Olympic Anti-Doping Chief Tygart Investigated Fugitive Sex Abuser Coach For USA Swimming; Ban Not Announced For 8 Years And He’s Probably Still Coaching in Venezuela

Published September 4th, 2014, Uncategorized

by Irvin Muchnick and Tim Joyce

 

PREVIOUSLY:

EXCLUSIVE: Travis Tygart, Head of Olympic Anti-Doping Agency, Investigated Sexual Abuse Cases For USA Swimming

 

Through his spokesperson on Wednesday, U.S. Anti-Doping Agency (USADA) chief Travis Tygart refused to answer our general questions about his past role as an in-house investigator of sexual abuse complaints at USA Swimming.

On Thursday, USADA senior communications manager Annie Skinner did not respond at all to email and voice messages asking Tygart for comment on our specific information about how he came to be the USA Swimming lawyer coordinating the investigation of a Venezuelan coach at Tygart’s old school in Florida.

Also: Why did the coach’s subsequent lifetime ban remain a secret for more than eight years? Why does he apparently continue to coach, to this day, back in his native country?

We pieced together the chronology of Simon Daniel “Danny” Chocron – now 40 years old and enduringly, defiantly visible at his website, http://dannychocron.com – through contemporary news accounts, Jacksonville sheriff and Duval County court records, and USA Swimming sources.

In several respects, the Chocron story parallels that of Brazilian Alex Pussieldi. Concussion Inc.’s extensive coverage of the decade-plus Pussieldi cover-up is collected in headline links at http://concussioninc.net/?p=8652.

At the time of the Chocron scandal, Travis Tygart was more than a decade away from his emergence as the media hero who, once and for all, exposed Lance Armstrong’s abuse of performance-enhancing drugs. Back in 2001, Tygart was an attorney for USA Swimming’s main law firm, Holme Roberts & Owen of Denver (now Bryan Cave). The organization’s internal documents show that Tygart was the firm person assigned to help coordinate the National Board of Review hearing of the Chocron case.

Coincidentally, Chocron’s crimes occurred while he was an assistant coach for the Bolles Sharks swim club, which operated out of Bolles School in Jacksonville. Tygart himself is a Bolles alumnus. Another of our unanswered questions to Tygart is whether he considered recusing himself from the Chocron investigation – or whether, conversely, his association with and knowledge of Bolles was regarded as a special asset to the investigation.

Danny Chocron, a graduate of Florida State University, was a champion open water swimmer. He joined the staff of the Bolles Sharks in July 2000, at age 26, and lasted eight months before his arrest on March 2, 2001, on two counts of lewd and lascivious battery against a minor.

The victim was a 15-year-old male swimmer. He told police that Chocron took him to his apartment, played pornographic videos, masturbated in front of the victim, and invited the boy to do the same for him. In addition, they engaged in oral sex. Chocron signed a full confession.

The next week, another victim, a 17-year-old girl, came forward. The previous summer, Chocron had taken her, too, to his apartment, where they had vaginal intercourse and oral sex on three occasions.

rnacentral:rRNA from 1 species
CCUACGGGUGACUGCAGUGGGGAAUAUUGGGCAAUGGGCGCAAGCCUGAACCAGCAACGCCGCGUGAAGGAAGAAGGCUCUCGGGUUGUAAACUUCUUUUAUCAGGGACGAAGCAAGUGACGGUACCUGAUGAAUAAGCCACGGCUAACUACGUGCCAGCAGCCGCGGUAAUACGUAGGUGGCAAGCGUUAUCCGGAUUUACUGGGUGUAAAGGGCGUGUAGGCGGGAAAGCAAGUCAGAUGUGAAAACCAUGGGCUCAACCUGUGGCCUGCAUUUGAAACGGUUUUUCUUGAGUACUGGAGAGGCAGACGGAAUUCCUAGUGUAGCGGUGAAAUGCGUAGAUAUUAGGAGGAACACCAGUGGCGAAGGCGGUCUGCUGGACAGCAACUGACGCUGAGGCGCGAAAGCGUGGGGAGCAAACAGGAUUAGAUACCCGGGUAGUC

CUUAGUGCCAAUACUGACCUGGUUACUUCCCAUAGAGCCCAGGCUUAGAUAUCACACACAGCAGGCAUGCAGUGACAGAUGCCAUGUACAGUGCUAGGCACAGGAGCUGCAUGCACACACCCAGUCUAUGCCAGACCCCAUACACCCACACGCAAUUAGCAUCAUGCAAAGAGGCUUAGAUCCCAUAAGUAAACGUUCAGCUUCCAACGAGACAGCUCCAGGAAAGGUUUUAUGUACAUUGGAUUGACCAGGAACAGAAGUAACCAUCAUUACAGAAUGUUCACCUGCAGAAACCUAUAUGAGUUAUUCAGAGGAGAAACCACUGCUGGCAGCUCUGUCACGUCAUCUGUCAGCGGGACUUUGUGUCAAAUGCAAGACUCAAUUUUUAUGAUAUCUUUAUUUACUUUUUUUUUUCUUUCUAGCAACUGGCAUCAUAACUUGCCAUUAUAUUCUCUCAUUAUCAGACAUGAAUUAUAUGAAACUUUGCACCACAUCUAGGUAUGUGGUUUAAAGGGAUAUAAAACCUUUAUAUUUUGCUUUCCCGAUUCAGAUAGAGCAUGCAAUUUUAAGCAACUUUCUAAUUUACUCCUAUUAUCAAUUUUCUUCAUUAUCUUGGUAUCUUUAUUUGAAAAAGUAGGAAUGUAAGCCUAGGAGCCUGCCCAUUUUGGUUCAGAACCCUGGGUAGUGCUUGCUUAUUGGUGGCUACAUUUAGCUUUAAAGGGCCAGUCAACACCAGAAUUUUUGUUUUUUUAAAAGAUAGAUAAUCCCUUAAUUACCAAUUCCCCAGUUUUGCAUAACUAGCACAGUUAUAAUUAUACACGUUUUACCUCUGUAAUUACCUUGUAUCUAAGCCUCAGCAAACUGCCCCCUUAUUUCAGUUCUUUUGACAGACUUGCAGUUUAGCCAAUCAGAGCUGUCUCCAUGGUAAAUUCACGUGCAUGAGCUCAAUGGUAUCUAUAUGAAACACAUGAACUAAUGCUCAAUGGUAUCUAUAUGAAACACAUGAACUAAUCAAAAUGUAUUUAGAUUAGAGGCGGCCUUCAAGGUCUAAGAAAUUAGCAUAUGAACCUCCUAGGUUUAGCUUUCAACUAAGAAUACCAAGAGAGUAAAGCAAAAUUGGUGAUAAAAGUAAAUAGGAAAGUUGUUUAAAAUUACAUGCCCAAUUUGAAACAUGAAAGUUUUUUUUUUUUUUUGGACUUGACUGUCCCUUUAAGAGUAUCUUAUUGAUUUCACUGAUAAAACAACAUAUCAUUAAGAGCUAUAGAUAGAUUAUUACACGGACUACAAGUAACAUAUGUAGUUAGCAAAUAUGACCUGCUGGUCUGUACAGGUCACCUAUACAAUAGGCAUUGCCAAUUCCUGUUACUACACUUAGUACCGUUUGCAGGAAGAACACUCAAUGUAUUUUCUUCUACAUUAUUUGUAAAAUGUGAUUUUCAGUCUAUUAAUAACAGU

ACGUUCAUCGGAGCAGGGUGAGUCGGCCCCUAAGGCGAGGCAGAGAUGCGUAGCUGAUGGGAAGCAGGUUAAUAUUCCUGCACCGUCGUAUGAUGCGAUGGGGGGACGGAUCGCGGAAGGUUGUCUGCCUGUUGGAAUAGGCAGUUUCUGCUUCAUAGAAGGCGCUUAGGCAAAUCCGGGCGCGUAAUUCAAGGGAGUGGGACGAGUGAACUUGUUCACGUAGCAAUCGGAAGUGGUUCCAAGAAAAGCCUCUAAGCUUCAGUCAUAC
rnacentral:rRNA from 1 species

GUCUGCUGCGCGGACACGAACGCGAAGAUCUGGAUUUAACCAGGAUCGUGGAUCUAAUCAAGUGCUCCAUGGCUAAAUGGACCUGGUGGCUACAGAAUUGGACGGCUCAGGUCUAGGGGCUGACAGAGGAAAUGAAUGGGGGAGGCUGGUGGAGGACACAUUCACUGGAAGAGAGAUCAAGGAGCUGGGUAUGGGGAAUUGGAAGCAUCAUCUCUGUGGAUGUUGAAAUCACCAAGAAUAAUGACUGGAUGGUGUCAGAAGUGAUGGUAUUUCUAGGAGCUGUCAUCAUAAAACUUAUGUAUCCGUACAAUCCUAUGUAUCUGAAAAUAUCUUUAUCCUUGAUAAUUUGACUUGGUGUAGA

By late March, the Duval County state attorney had assembled 14 felony counts against Chocron.

On March 27, Chocron jumped his $250,000 bail by failing to show for a court appearance. Swimming insiders say he would be arrested later at a swim meet in Spain – according to some accounts, on the pool deck and almost literally at the starting block of a race. But he fled again, making his way to Venezuela. Unlike Spain, Venezuela does not have an extradition treaty with the U.S.

At the time of the arrest, the general chair of Florida Swimming, Jim Kelly, gave the Associated Press a no-comment. Kelly later reported by email to USA Swimming CEO Chuck Wielgus: “I told them I hadn’t heard anything about it, which was true at the time.”

Three months ago, the International Swimming Hall of Fame and USA Swimming jointly announced that Wielgus’s Hall induction as a “builder” of the sport was being withdrawn. This followed a petition by lead signatory Diana Nyad and the Women’s Sports Foundation, which accurately accused Wielgus of directing cover-ups and committing perjury in statements to courts in civil lawsuits by victims. In the wake of the successful petition — and unbeknownest to consumers of major media — there are accelerating federal investigations of swimming’s insurance operations and abuse cover-ups.

In June 2001, an attorney representing families at the Bolles School sent a packet of news articles about Chocron’s arrest to Dale Neuburger, a vice president of USA Swimming who also served on the board of FINA, the international governing body. Neuburger forwarded the information to Richard Young, swimming’s chief counsel and Tygart’s boss, and to Cornel Marculesce, the Swiss-based executive director of FINA.

On October 4, 2001, the National Board of Review heard the case against the absent Chocron. Four days later the board issued the order banning him.

But USA Swimming didn’t begin publishing its banned list until 2010. (Then, the list numbered 36; now, it is has moved past 100.) In the interim, how did the Colorado Springs-based national sport governing body alert the communities in two countries of Chocron’s sex crimes and whereabouts? Travis Tygart, who was in a position to help do something about that at the time, won’t say.

And what does Tygart think about a molester and fugitive from justice continuing to coach — that it doesn’t matter because it’s happening in another country? Tygart won’t answer that one either.